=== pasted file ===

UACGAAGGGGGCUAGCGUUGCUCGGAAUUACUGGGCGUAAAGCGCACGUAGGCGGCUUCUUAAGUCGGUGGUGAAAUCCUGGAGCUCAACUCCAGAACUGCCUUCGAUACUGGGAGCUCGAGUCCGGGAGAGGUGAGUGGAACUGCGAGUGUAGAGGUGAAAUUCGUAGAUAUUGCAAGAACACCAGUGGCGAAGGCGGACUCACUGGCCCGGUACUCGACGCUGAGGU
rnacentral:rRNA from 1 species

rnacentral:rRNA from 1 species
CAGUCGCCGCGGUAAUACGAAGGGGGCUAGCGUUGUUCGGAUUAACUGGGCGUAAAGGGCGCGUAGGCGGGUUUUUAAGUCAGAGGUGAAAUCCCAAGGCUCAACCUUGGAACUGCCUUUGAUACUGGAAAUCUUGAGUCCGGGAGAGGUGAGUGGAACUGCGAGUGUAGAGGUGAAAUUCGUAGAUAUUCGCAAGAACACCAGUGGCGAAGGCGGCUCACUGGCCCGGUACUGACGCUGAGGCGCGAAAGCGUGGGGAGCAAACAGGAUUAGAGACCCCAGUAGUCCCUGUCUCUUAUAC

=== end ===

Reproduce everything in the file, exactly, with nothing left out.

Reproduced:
UACGAAGGGGGCUAGCGUUGCUCGGAAUUACUGGGCGUAAAGCGCACGUAGGCGGCUUCUUAAGUCGGUGGUGAAAUCCUGGAGCUCAACUCCAGAACUGCCUUCGAUACUGGGAGCUCGAGUCCGGGAGAGGUGAGUGGAACUGCGAGUGUAGAGGUGAAAUUCGUAGAUAUUGCAAGAACACCAGUGGCGAAGGCGGACUCACUGGCCCGGUACUCGACGCUGAGGU
rnacentral:rRNA from 1 species

rnacentral:rRNA from 1 species
CAGUCGCCGCGGUAAUACGAAGGGGGCUAGCGUUGUUCGGAUUAACUGGGCGUAAAGGGCGCGUAGGCGGGUUUUUAAGUCAGAGGUGAAAUCCCAAGGCUCAACCUUGGAACUGCCUUUGAUACUGGAAAUCUUGAGUCCGGGAGAGGUGAGUGGAACUGCGAGUGUAGAGGUGAAAUUCGUAGAUAUUCGCAAGAACACCAGUGGCGAAGGCGGCUCACUGGCCCGGUACUGACGCUGAGGCGCGAAAGCGUGGGGAGCAAACAGGAUUAGAGACCCCAGUAGUCCCUGUCUCUUAUAC